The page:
Brandishing Iraqi flags and portraits of Sadr, the protesters gathered at the end of a bridge leading to Baghdad's heavily fortified "Green Zone" district of government buildings and foreign embassies, an AFP correspondent reported.
"All the people are with you Sayyed Muqtada," the protesters chanted, using his title as a descendant of the Prophet Mohammed, while some of them climbed onto a concrete barrier.
Sadr's bloc emerged from elections in October as the biggest parliamentary faction, but was still far short of a majority and, 10 months on, deadlock persists over the establishment of a new government.
Supporters of the Shia Muslim cleric oppose the recently announced candidacy of Mohammed Al-Sudani, a former minister and ex-provincial governor, who is the pro-Iran Coordination Framework's pick for premier.
The protests are the latest challenge for oil-rich Iraq, which remains mired in a political and a socioeconomic crisis despite elevated global crude prices.
Crowds of Sadr supporters on Wednesday breached the Green Zone despite volleys of tear gas fire from the police.
They occupied the parliament building, singing, dancing and taking selfies before leaving two hours later but only after Sadr told them to leave.
On Saturday, security forces shut off roads in the capital leading to the Green Zone with massive blocks of concrete.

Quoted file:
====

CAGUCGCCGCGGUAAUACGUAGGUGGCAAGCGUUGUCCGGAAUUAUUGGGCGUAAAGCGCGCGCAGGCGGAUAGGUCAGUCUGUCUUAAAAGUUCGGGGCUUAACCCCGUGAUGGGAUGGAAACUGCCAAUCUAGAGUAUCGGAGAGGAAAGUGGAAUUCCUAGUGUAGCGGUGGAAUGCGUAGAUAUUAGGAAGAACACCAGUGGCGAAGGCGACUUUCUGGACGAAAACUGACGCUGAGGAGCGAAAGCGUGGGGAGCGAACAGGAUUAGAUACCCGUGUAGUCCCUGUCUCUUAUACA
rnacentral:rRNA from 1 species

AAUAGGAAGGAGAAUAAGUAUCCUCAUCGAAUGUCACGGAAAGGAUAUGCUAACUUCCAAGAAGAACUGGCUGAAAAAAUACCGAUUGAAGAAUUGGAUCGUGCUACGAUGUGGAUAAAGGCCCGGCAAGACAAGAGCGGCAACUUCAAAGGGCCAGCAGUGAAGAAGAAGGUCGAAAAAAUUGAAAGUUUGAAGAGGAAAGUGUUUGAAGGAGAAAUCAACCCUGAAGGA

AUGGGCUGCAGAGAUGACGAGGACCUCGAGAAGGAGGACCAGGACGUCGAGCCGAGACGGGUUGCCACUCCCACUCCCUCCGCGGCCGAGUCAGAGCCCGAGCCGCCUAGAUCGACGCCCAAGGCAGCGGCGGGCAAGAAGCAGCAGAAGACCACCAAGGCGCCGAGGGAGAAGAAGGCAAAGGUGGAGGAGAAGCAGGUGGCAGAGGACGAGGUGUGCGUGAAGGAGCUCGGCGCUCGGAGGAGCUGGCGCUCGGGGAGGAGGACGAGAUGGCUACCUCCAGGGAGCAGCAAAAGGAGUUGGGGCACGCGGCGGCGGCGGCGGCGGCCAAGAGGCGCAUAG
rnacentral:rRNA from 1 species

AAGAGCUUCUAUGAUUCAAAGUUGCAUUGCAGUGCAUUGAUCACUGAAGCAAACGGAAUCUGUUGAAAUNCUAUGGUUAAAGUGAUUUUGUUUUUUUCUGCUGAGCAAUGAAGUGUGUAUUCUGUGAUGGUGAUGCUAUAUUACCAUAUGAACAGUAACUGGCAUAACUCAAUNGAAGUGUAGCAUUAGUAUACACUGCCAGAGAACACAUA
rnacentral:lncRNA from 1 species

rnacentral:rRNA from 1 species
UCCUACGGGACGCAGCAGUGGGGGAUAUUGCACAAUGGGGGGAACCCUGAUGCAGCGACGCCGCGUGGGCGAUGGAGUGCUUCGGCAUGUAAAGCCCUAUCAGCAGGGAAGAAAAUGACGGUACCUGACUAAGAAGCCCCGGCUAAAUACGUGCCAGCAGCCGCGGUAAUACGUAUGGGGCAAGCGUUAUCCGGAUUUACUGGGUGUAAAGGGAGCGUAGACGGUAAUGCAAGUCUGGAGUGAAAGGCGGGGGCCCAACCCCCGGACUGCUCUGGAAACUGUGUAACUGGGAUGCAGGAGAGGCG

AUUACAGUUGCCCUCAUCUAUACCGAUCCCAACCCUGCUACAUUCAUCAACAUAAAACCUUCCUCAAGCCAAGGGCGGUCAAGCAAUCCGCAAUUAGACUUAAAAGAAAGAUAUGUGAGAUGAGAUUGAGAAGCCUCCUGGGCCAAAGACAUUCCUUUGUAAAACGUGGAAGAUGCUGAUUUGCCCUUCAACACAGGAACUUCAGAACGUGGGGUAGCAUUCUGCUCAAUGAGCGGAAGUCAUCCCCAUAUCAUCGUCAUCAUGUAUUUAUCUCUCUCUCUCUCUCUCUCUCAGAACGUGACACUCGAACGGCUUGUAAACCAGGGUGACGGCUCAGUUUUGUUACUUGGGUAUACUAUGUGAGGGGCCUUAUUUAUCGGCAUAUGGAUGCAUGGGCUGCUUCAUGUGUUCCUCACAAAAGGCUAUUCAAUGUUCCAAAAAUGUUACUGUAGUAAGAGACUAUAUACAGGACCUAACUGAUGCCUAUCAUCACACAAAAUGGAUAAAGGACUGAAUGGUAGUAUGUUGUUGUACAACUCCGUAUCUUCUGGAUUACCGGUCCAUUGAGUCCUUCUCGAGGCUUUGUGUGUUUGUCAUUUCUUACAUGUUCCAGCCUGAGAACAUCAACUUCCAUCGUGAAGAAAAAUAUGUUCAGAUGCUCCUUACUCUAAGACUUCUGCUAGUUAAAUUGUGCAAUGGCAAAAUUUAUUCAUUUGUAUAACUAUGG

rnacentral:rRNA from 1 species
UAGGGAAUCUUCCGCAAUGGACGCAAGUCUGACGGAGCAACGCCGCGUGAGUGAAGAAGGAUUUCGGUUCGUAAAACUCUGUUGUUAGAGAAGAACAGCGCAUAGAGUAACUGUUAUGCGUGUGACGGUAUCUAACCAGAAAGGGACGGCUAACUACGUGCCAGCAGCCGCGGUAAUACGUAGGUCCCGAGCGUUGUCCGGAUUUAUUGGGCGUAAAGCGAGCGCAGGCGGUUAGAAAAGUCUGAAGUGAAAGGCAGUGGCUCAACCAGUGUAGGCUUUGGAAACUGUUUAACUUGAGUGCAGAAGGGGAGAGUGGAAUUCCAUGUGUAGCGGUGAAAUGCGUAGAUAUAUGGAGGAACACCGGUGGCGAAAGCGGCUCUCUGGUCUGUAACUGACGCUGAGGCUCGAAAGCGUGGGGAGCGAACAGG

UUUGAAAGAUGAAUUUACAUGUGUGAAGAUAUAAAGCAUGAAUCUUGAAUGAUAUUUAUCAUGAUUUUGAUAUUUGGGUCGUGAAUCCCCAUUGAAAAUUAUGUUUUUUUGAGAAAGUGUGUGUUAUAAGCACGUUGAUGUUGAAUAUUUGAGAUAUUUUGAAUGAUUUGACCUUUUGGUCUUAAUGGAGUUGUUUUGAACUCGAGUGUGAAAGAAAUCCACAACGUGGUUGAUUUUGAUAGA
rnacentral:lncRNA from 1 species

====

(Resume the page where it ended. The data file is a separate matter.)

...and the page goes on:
"We are here for a revolution," said protester Haydar Al-Lami.
"We don't want the corrupt; we don't want those who have been in power to return… since 2003… they have only brought us harm."
Last month, Muqtada al-Sadr ordered his supporters in Iraq's parliament to resign.
Did this unexpected move simply hand power over to his rivals? Or was this a tactful political manoeuvre?
— The New Arab Voice (@TheNewArabVoice)
By convention, the post of prime minister goes to a leader from Iraq's Shia majority.
Sadr, a former militia leader, had initially supported the idea of a "majority government".
That would have sent his Shia adversaries from the pro-Iran Coordination Framework into opposition.
The Coordination Framework draws lawmakers from former Prime Minister Nouri Al-Maliki's party and the pro-Iran Fatah Alliance, the political arm of the Shia-led former paramilitary group Al-Hashd Al-Shaabi.
But last month Sadr's 73 lawmakers quit in a move seen as seeking to pressure his rivals to fast-track the establishment of a government.
Sixty-four new lawmakers were sworn in later in June, making the pro-Iran bloc the largest in parliament.